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The St. Louis Browns were a baseball team that played in the American League between 1902 and 1953. During its entire existence, the team was based at the Sportsmen’s Arena in St. Louis Missouri. Another St. Louis Browns had existed in the city between 1883 and 1900 but eventually rechristened to the St. Louis Cardinals.
How did the Browns Start up?
The team began in 1902 when the Milwaukee brewers relocated to St. Louis. When the Western League changed to the American League in 1901, league president Ban Johnson intended to move the Brewers to Missouri. He was initially unable to find a suitable owner based in St. Louis but he made the breakthrough in 1902 following the acquisition of the franchise by Robert Hedges. The team took over the old nickname left behind by the National League’s St. Louis Cardinals. The nickname for the team is “Brown Stockings” in full and it simply refers to the team colors. Hedges built a new ballpark, the Sportsman’s Arena on the site of the original Brown’s home. Jimmy McNeer was named the team’s first coach and they signed several players from the Cardinals including Bobby Wallace and Jesse Burkett ready for their first season.
The St. Louis Browns in Competition
The Brown’s record in competition was woeful. In fact they are often described as the league’s worst ever team. The team began life in the AL impressively, finishing in second place with a 78-58 record. They would then wait until 1908 to post another winning record (83-69) which took them just six and a half games short of the Pennant. However they were unable to build on this as they dropped to seventh in 1909 followed by a string of three seasons losing more than 100. They won another season in 1916 with a 79-75 record but only finished fifth. In 1921 they finished in third place with an 81-73 record, followed by arguably their best ever season, in which they recorded 93-61. They however missed the Pennant by a single game. During the rest of the 20s they blew hot and cold recording three winning seasons and four losing seasons. They lost all the seasons of the 1930s and in fact set a franchise worst 43-111 record in 1939.
In 1942 they brought to an end their thirteen year string of losing seasons dating back to 1930, finishing third with an 82-69 record. In 1944, the Browns pinched a somewhat opportunistic AL Pennant. With most teams depleted as their stars signed up for the war, St. Louis had it easier and claimed their only ever Pennant with an 89-65 record. They met the Cardinals in the World Series and errors saw them relinquish a 2-1 series lead to lose 4-2. They challenged for the Pennant again in 1945 but only managed third with an otherwise solid 81-70 record. From then onwards they were back to their usual selves losing eight straight seasons that culminated in a 54-100 record for last in 1954, their last season in St. Louis.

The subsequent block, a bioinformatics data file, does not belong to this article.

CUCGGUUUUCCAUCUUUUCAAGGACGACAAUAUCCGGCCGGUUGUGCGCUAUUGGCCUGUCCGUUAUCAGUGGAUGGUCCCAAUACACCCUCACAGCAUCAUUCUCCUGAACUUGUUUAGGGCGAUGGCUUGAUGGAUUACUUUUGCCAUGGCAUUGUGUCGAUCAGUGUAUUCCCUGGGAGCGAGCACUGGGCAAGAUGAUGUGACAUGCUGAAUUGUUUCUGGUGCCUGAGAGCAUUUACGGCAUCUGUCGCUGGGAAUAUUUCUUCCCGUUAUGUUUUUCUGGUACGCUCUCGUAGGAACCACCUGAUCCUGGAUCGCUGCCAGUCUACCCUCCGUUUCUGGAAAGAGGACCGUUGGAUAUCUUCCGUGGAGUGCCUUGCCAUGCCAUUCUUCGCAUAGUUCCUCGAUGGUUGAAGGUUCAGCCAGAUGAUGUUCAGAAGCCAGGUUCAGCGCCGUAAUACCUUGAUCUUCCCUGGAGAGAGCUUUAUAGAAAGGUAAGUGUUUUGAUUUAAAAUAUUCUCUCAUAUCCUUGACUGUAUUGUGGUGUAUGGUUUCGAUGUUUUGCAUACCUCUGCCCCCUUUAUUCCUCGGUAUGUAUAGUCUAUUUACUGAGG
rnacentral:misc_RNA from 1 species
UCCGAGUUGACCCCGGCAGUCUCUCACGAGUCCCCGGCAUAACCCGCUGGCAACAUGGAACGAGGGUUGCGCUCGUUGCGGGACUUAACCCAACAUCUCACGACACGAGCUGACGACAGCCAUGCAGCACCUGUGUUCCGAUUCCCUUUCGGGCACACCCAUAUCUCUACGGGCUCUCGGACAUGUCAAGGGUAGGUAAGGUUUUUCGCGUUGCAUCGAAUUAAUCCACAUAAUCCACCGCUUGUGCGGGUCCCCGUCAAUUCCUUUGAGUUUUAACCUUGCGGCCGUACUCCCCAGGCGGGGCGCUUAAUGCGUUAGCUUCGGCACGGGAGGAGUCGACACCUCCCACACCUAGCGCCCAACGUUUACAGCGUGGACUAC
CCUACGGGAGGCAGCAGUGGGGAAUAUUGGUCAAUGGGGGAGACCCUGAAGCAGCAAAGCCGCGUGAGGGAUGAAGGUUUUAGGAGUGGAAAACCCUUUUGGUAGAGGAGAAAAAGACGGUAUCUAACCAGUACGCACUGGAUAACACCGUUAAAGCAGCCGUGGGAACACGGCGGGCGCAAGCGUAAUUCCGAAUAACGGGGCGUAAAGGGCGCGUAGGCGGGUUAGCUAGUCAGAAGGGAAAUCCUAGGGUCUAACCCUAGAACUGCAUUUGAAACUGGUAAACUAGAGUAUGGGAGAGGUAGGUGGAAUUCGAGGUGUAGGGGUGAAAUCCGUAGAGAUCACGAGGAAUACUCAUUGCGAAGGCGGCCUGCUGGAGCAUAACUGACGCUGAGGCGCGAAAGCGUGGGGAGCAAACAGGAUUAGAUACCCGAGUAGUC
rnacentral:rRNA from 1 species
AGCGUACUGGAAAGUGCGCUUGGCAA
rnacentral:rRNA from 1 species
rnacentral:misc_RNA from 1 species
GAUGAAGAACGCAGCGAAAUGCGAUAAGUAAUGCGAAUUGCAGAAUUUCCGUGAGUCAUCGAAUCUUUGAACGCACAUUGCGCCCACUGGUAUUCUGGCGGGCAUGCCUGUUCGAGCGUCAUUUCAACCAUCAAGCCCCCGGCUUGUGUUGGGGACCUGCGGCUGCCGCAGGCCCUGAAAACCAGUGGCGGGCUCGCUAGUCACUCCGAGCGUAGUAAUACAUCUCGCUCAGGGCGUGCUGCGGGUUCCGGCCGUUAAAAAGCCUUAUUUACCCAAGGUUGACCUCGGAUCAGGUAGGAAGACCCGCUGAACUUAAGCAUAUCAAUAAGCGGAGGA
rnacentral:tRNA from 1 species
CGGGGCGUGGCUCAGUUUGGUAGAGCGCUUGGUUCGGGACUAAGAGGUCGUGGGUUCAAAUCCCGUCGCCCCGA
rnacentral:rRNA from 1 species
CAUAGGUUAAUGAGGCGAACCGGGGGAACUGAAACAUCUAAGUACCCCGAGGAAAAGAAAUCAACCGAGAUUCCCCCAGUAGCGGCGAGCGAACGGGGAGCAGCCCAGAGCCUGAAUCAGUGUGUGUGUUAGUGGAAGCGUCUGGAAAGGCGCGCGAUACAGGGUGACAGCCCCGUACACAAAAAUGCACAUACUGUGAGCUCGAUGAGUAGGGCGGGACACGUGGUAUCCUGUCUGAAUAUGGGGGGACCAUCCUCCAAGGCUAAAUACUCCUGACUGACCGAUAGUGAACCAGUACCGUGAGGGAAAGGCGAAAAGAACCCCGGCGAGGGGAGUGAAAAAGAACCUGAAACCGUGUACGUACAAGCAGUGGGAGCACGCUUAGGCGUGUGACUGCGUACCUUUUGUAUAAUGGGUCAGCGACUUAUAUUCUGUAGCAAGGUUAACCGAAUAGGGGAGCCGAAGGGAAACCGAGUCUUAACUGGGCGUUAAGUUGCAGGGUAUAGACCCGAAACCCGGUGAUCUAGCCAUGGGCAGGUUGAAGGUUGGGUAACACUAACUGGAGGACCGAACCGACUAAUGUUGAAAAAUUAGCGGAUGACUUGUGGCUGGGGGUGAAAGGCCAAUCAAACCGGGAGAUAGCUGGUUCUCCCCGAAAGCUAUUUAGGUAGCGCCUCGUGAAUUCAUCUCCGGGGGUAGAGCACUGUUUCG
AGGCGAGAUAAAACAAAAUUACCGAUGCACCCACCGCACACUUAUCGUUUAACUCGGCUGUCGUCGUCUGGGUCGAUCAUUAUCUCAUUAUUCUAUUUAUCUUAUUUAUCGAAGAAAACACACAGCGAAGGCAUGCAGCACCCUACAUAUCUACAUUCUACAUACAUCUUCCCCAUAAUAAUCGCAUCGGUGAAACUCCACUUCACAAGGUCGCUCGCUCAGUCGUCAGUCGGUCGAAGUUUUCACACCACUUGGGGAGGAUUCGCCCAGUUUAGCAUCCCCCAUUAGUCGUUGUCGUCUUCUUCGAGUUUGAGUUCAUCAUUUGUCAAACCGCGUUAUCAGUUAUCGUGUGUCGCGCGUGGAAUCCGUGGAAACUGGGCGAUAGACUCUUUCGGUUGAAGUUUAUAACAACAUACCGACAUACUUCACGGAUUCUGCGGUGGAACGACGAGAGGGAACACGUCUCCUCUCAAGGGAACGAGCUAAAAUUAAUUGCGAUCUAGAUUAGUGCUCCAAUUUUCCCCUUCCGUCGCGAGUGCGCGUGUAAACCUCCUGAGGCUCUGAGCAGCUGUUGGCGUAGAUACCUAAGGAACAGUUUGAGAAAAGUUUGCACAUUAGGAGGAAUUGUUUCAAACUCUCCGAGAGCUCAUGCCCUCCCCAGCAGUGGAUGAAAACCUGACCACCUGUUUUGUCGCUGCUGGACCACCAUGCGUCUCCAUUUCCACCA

Overall, the Browns managed just 11 winning seasons, lost more than a 100 eight times and finished last in the AL 10 times.
The Browns’ most Notable Moments
On August 15th 1951, with the team on the deathbed, new owner Bill Veeck decided to try an unorthodox stunt to create interest in the team. He had a midget step up to the plate pinch-hitting in the first inning. The 3’7” and 65 pound Eddie Gaedel had been signed by Veeck to pull press attention to the team. Other baseball team owners were not amused however and Gaedel was barred from playing despite having a valid contract with the Browns.
During the World War II, many of baseball’s best players abandoned the game and joined the war in Europe and japan. Talent was hard to come by and so the browns decided to hand a chance to Pete Gray, a player with only one hand. Pete, who had lost his arm as a child in a wagon accident had learned to hold the ball with a glove and throw it with the glove off. He played 61 games in 1945 and managed a batting average of .218 and stole five bases. His career lasted only one season though as more able bodied players returned from the war.
St Louis Browns Most Notable Players
George Harold Sisler played for the Browns from 1902 to 1916 winning many individual accolades. In 1920 he set the American League record for most hits, 257 which was only broken in 2004 by Ichiro Suzuki with264 hits. In 1922 he also set the record for hitting safely (41 consecutive games) and his .420 batting average that year is the third best in the 20th century.
Bobby Wallace was a shortstop who played for the browns between 1902 and 1916 and also coached the team from 1911 to 1912. He posted a career batting average .268, 1059 runs, 34 home runs and 201 stolen bases, some of the most impressive among Browns Players. He was inducted to the Baseball Hall of Fame in 1953.
Other notable players include Rogers Hornsby, Jesse Burkett and Jimmy Bottomley.
What Happened to the Browns?
It is hard for a losing team to maintain a fan base and this was the browns main undoing. Match attendance rarely passed 100,000 per year. In one embarrassing game, the team actually played in front of a crowd of just 33 paying customers. Veeck’s initial plan involved trying to run the Cardinals out of town but this plan backfired when the Cardinals were purchased by wealthy beer industry businessmen. He then set his eyes on relocating the team but his efforts to move to Baltimore in 1953 were twice thwarted by other league owners. The team, forced to stay in St. Louis had to sell several players and eventually Veeck sold the Browns to Clarence Miles. Miles’ request to move was approved by the AL and the team became the Baltimore Orioles.